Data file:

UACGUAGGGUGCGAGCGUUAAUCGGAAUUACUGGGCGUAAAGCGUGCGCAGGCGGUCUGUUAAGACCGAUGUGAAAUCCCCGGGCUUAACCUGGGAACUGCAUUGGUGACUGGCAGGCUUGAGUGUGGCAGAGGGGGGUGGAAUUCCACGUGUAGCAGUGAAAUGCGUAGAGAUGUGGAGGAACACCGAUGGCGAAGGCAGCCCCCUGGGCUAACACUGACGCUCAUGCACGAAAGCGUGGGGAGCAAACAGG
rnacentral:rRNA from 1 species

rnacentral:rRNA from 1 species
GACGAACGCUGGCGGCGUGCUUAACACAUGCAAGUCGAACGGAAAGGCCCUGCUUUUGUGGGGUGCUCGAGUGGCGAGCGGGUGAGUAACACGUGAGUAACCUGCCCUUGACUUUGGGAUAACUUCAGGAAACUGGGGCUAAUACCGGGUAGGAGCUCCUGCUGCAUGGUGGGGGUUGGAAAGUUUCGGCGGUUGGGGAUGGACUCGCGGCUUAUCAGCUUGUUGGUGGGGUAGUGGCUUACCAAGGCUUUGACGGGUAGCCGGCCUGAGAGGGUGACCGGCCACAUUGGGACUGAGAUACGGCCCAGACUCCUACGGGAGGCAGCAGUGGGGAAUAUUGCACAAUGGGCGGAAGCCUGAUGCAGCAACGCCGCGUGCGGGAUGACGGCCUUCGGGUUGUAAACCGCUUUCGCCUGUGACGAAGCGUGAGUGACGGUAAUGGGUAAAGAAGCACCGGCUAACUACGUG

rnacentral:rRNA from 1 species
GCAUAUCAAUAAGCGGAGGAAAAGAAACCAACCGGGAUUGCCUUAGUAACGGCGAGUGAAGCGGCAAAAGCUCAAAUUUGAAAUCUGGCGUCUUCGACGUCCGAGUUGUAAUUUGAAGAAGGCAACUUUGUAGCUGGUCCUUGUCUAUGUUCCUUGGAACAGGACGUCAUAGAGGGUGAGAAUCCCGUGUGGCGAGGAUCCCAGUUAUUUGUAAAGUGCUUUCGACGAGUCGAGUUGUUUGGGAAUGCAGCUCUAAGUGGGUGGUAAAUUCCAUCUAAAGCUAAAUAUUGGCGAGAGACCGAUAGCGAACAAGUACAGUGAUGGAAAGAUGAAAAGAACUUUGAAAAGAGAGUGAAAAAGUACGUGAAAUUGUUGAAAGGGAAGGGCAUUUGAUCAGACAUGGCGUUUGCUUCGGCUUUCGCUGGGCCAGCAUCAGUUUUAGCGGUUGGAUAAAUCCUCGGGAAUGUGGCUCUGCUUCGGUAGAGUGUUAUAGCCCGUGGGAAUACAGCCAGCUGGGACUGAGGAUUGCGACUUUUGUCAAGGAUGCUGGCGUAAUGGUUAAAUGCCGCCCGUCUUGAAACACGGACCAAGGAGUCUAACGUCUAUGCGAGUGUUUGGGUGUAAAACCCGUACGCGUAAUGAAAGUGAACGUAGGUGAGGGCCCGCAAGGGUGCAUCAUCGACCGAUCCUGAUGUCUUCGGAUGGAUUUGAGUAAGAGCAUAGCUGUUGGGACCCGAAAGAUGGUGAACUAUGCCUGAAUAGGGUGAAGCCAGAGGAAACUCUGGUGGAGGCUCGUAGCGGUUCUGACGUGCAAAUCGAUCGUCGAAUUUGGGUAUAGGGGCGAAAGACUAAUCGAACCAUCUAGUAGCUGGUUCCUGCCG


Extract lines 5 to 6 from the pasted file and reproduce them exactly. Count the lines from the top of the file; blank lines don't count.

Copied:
rnacentral:rRNA from 1 species
GCAUAUCAAUAAGCGGAGGAAAAGAAACCAACCGGGAUUGCCUUAGUAACGGCGAGUGAAGCGGCAAAAGCUCAAAUUUGAAAUCUGGCGUCUUCGACGUCCGAGUUGUAAUUUGAAGAAGGCAACUUUGUAGCUGGUCCUUGUCUAUGUUCCUUGGAACAGGACGUCAUAGAGGGUGAGAAUCCCGUGUGGCGAGGAUCCCAGUUAUUUGUAAAGUGCUUUCGACGAGUCGAGUUGUUUGGGAAUGCAGCUCUAAGUGGGUGGUAAAUUCCAUCUAAAGCUAAAUAUUGGCGAGAGACCGAUAGCGAACAAGUACAGUGAUGGAAAGAUGAAAAGAACUUUGAAAAGAGAGUGAAAAAGUACGUGAAAUUGUUGAAAGGGAAGGGCAUUUGAUCAGACAUGGCGUUUGCUUCGGCUUUCGCUGGGCCAGCAUCAGUUUUAGCGGUUGGAUAAAUCCUCGGGAAUGUGGCUCUGCUUCGGUAGAGUGUUAUAGCCCGUGGGAAUACAGCCAGCUGGGACUGAGGAUUGCGACUUUUGUCAAGGAUGCUGGCGUAAUGGUUAAAUGCCGCCCGUCUUGAAACACGGACCAAGGAGUCUAACGUCUAUGCGAGUGUUUGGGUGUAAAACCCGUACGCGUAAUGAAAGUGAACGUAGGUGAGGGCCCGCAAGGGUGCAUCAUCGACCGAUCCUGAUGUCUUCGGAUGGAUUUGAGUAAGAGCAUAGCUGUUGGGACCCGAAAGAUGGUGAACUAUGCCUGAAUAGGGUGAAGCCAGAGGAAACUCUGGUGGAGGCUCGUAGCGGUUCUGACGUGCAAAUCGAUCGUCGAAUUUGGGUAUAGGGGCGAAAGACUAAUCGAACCAUCUAGUAGCUGGUUCCUGCCG